Ending a marriage well is important – do it kindly and don’t make it worse with a bad ending.

The reasons marriages end in divorce are many and various and often a couple won’t agree why their relationship has ended, even when they do agree it is over.

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The wording of the divorce petition may feel really important – it gives the official reason for the break-down – and unless you have been separated two years and agree to divorce, or have been separated five years, when no agreement is needed –you are left with a fault based petition. This means adultery or unreasonable behaviour on the part of the respondent. The petition only needs to have enough detail to get a divorce and ideally the person reading it will recognise the incidents as a fair account of events.  The best petitions are rather sad and very short, but there does have to be enough for the judge to grant a decree within the rules.

If you can’t agree why you are getting divorced – then you can mediate the petition grounds with us at Focus Mediation and end your relationship well and with kindness.  Most people just want to sort things out and we facilitate that at a modest cost, which you share (that is if you don’t qualify for legal aid). And remember, the reasons for divorce normally have no effect on your financial settlement or arrangements for your children

Save the Children

When couples separate, children are often caught in the cross-fire. When contact is stopped as a weapon, children can suffer too. If they are additionally saying different things to each parent, they feel the need to appease and comply and have learned what they feel and want doesn’t matter. This is not a good outcome for children.  Court applications are up between 27% to over double in some courts since this time last year. Meanwhile, family mediation – for which legal aid is still available – has fallen off a cliff. Why? It’s been shown again and again it produces better outcomes for children and families. The Court is getting us to mediate at Court with two other mediation services on the First Appointment of these Children Act Applications.  It would have been better and cheaper to mediate before proceedings are issued, as is required by the pre action protocol, which is being ignored.  Many of these cases are mediated successfully and then the whole Application was unnecessary, unless to bring a parent to mediation to talk it over.

Why Focus Mediation?

  • We are accredited experts, dedicated to mediation
  • We use experienced  lawyer mediators for financial cases
  • We have specialist mediators who can see your children so their wishes and feelings can inform your decision-making
  • We offer legal aid if you qualify financially

Most people just want to sort things out and we facilitate that, at a modest cost – which you share if you don’t get legal aid.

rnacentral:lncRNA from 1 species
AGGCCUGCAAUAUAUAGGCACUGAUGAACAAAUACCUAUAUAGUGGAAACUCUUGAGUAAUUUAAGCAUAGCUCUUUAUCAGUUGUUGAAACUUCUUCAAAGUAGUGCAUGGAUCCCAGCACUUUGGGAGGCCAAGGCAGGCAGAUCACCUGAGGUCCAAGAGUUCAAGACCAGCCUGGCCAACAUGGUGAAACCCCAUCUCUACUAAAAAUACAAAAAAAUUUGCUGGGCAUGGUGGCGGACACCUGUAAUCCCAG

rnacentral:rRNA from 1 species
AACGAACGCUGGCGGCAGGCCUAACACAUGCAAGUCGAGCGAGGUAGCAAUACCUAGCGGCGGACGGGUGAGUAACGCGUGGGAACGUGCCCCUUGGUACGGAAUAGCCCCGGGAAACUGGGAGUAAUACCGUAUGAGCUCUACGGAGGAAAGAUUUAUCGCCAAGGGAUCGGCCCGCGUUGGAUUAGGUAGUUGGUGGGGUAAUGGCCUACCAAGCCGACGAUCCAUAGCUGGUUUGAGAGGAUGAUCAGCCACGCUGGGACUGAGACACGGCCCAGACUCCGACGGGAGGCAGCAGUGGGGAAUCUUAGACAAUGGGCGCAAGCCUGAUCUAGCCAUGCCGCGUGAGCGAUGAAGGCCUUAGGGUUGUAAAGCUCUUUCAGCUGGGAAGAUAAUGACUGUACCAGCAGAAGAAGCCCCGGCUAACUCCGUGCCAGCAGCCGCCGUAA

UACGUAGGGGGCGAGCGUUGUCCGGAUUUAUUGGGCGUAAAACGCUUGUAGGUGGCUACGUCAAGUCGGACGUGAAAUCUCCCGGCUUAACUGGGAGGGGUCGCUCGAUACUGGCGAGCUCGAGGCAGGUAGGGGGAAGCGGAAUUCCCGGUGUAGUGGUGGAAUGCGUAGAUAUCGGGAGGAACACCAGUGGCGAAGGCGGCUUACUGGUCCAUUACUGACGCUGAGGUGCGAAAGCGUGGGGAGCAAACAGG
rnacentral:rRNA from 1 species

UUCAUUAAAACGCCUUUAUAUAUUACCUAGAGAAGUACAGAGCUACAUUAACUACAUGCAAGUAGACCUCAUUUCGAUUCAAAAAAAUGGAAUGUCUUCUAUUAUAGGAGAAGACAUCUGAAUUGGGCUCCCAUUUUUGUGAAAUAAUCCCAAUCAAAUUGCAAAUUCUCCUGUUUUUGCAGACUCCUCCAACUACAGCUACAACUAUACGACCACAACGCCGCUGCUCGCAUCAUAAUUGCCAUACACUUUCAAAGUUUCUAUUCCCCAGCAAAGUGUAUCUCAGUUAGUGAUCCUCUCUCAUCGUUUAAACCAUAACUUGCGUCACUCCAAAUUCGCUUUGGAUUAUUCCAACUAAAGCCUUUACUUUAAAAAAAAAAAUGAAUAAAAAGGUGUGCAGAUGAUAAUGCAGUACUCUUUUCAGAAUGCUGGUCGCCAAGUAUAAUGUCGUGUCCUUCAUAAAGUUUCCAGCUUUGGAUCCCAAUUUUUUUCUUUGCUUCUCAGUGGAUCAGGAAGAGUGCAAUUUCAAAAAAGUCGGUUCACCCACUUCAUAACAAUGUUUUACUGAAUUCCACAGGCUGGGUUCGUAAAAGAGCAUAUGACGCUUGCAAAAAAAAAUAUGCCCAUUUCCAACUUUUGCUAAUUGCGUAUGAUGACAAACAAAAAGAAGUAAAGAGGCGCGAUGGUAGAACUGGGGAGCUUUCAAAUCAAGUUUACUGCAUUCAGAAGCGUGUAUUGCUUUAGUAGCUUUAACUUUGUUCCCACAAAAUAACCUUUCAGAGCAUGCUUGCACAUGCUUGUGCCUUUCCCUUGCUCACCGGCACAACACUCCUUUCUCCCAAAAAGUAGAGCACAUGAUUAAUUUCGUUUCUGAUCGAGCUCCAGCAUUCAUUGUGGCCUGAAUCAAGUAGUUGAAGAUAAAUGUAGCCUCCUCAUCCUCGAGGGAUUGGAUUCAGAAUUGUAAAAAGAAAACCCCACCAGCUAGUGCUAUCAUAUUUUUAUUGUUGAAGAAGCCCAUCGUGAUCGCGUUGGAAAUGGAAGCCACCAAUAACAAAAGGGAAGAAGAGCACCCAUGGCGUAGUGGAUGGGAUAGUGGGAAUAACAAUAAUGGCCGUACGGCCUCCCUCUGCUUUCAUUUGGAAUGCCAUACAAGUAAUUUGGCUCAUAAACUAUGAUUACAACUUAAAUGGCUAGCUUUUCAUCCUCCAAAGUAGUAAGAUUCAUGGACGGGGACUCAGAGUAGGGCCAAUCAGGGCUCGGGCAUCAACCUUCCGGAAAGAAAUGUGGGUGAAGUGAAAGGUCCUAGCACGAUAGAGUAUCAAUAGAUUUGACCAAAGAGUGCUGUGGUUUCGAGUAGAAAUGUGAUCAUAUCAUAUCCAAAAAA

Business Disputes

Business Disputes

Disputes can paralyse a department or even the whole company, diverting decision-makers from the key tasks of doing deals, creating wealth. The cost in money and reputation can be incalculable.  A Focus Mediator can help restore equilibrium swiftly, confidentially and with the minimum of expense and disruption.  The key aim is to end the haemorrhaging of time and money as quickly and productively as possible.

Focus Gets Results

Mediation usually only takes a single day, and can be set up at short notice.  Where relationships have broken down and negotiations failed, a neutral mediator operating in a private, “without prejudice” environment aims to broker a deal that all parties agree is better for them than the fight.  Focus mediators achieve that in over 90% of cases, with parties signing binding settlement terms there and then.  The process even brings many of the rest close enough that they settle soon after.

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Business Disputes and Litigation

Disputes often grow in complexity as the lawyers jockey for tactical advantage, and extra parties (such as insurers) may become involved.  Before you know it the legal costs can be one of the biggest issues!  Mediators start where you are. Only a mediator can discuss each party’s hopes, fears and objectives with them in confidence.  No judge, arbitrator, adjudicator or party representative can ever do that.  It’s one of the main reasons mediation gets results. And mediated solutions can be more creative and user friendly than awards imposed by the courts, arbitrators or tribunals.

Problems, Problems

Traditional methods of resolving disputes often drive parties further apart long before any resolution is possible.  If you’ve been through the stage of snarling at each other, and that didn’t bring the opposition to heel, where should you go next?  Since April 2013 litigation procedures have been reformed to encourage and incentivise parties to use ADR (Alternative Dispute Resolution) including mediation. Failure to do so can have adverse costs consequences, even for parties who go on to win their case.  Proposing mediation, far from being a sign of weakness, can put your opponent on the back foot.

How does a business mediation work?

We will help you choose the right mediator from our panel and a day is set aside for the mediation. A fixed fee is paid up front, usually by the parties equally. Pre-session process is kept to a minimum – usually just a short position statement from each party, to ensure the mediator understands the background.  The mediation day usually starts with an opportunity to explain your case in a group session, all together. Most of the day is spent in separate rooms with the mediator shuttling between you. You say what you want relayed, and what is to be held confidentially by the mediator. This process helps the mediator see areas where agreement may become possible.  The objective is a binding settlement, signed on the day.

Usually your mediation can be held within two weeks of your contacting us